• Uniforms, pins, pennants, letter sweaters, landscape plans and architectural renderings, commemorative items, scrapbooks (if people and places are identified)

Materials generally not accepted:

  • Routine administrative and financial records (see the University Retention Schedule for retention and disposition instructions)
  • Records protected by the Freedom of Information Act (FOIA) and the Family Educational Rights and Privacy Act (FERPA)
  • Drafts or working copies of publications or reports for which a final versionexists
  • Unidentified photographs
  • Personal research, including clippings, Web page printouts and other collected materials, that does not result in a final product or publication
  • Unidentified media, such as audio or video recordings, born-digital files, or storage devices labeled as “backups”
  • Content on unusual or proprietary digital formats, unless working hardware/software is provided to aid in the reformatting of the content
  • Items with unreasonable access restrictions

Reappraisal and Deaccession Guidelines:

Materials are routinely deaccessioned from recent acquisitions as part of the normal selection, appraisal, and accessioning process. Materials may also be deaccessioned from existing collections where selection and appraisal activities were not previously performed – especially in the cases where materials were donated to the library or the university prior to the creation of the University Archives. Additionally, periodic weeding of the collection may be done to identify items which no longer fit the criteria for inclusion in the collection. These materials will be offered back to the originating office or disposed of.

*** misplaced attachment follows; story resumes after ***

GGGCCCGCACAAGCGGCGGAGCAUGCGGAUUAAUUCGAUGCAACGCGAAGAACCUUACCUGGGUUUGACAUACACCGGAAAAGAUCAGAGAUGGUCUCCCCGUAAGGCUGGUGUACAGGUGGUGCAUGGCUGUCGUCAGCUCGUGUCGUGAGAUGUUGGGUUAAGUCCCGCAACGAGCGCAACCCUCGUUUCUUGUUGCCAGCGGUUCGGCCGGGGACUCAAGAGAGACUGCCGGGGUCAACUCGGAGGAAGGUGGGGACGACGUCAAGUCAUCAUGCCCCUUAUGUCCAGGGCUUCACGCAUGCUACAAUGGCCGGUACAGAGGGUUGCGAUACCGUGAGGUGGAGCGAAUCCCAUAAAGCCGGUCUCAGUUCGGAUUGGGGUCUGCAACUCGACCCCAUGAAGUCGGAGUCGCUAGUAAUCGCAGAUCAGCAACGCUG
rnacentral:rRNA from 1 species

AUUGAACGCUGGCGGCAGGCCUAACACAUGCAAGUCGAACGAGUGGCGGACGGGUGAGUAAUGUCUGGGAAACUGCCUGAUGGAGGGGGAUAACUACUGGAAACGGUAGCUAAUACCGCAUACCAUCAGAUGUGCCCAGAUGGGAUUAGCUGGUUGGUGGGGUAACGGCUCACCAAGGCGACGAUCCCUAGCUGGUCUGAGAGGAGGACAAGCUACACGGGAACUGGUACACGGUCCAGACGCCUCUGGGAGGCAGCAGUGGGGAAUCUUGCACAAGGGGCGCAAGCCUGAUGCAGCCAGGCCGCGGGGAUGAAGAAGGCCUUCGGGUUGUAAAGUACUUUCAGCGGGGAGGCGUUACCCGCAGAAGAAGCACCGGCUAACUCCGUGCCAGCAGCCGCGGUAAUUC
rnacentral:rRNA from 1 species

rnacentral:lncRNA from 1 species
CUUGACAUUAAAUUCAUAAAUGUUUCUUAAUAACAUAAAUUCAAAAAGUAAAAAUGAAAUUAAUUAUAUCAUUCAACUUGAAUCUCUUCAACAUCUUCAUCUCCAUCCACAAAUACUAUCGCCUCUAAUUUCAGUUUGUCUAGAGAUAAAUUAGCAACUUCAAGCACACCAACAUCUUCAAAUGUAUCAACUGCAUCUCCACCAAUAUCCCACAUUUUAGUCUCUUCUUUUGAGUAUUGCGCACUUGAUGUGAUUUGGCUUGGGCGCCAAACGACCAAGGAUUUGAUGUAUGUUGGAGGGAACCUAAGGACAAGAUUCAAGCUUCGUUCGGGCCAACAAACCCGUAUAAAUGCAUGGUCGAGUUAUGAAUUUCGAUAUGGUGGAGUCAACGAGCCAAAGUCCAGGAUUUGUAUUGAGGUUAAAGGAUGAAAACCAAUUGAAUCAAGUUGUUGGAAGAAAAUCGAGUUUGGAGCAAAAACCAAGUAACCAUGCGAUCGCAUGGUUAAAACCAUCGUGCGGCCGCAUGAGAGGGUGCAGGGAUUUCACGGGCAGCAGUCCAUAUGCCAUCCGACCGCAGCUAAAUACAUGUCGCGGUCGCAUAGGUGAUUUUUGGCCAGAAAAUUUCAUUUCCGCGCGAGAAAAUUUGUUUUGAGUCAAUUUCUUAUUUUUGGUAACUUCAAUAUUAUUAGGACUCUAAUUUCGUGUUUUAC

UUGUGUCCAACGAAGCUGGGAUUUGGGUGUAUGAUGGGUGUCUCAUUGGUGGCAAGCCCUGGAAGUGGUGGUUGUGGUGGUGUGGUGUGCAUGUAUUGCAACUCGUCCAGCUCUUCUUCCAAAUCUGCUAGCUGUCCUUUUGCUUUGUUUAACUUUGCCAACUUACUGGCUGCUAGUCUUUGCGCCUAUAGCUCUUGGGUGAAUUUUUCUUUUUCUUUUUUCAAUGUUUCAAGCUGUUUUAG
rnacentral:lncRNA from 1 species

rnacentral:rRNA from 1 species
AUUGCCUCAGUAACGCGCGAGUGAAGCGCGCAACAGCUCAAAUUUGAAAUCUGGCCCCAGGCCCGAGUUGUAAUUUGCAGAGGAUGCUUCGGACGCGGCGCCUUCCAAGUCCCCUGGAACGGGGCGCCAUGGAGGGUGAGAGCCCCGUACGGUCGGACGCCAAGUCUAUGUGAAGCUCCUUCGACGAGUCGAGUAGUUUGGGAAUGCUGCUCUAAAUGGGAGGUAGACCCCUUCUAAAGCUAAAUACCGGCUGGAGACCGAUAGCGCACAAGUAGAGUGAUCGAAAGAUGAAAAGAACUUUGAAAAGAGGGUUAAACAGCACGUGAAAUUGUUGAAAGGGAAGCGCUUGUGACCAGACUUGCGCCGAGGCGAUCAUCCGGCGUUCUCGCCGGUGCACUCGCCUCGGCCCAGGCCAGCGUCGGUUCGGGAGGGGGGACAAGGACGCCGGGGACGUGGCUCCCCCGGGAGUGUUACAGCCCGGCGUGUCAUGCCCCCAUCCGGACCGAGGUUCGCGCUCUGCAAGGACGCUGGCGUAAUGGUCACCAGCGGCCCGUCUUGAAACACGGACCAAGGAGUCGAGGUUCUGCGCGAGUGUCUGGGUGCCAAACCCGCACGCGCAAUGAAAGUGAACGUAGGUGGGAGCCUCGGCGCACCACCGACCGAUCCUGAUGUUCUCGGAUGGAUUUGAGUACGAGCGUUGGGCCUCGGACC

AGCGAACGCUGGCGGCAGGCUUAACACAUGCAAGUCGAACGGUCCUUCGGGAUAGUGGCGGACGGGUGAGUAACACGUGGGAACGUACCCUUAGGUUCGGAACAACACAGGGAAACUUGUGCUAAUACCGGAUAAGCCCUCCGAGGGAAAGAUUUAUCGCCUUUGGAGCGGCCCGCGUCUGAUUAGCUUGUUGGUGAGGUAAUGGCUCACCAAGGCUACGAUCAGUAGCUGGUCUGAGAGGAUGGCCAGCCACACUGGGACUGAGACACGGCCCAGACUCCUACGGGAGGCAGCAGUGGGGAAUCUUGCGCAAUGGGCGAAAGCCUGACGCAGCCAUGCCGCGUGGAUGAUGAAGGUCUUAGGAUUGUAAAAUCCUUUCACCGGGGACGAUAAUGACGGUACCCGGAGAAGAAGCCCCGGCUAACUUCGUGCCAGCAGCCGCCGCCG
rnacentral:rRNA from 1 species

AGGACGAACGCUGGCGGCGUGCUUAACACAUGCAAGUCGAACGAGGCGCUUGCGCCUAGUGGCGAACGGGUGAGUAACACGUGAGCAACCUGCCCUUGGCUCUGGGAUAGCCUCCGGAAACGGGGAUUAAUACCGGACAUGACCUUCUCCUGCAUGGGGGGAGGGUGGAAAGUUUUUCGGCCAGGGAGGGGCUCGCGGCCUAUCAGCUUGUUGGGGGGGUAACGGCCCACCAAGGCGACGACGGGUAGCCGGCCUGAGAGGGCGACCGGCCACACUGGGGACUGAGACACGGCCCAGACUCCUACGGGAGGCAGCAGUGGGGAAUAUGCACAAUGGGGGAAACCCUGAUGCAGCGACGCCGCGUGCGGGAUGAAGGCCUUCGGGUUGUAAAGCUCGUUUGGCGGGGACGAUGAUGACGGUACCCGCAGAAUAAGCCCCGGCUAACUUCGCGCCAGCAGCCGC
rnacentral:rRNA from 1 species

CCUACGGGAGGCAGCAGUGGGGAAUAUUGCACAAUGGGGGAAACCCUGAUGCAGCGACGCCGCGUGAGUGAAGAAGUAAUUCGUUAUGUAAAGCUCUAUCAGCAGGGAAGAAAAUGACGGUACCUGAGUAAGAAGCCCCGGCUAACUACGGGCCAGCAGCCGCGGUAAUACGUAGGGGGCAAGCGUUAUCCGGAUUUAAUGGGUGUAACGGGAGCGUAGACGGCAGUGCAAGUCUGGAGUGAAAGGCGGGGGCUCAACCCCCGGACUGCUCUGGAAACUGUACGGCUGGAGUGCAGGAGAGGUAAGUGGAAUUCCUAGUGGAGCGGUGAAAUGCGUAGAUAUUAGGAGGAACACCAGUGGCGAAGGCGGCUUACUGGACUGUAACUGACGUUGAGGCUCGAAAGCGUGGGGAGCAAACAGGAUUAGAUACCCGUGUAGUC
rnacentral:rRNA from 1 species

These guidelines do not cover every possible situation or contingency of reappraisal and deaccessioning. Archivists should rely on their best professional judgment when dealing with specific circumstances that are not covered by these guidelines.

When considering materials for deaccessioning, the following criteria will be evaluated:

  • Does the material fall within the scope of current collection and appraisal policies?
  • Is the material slated for permanent retention in the University Archives by the University Retention Schedule?
  • Is the material a duplicate or does it duplicate information already held here or elsewhere in another format?
  • Has the material deteriorated beyond real usefulness?
  • Are there any externally imposed restrictions such as donor agreement or other legal issues that apply to this material?
  • How would deaccessioning of this material affect public access to information?
  • Would the material be more useful to the scholarly community if located at another institution?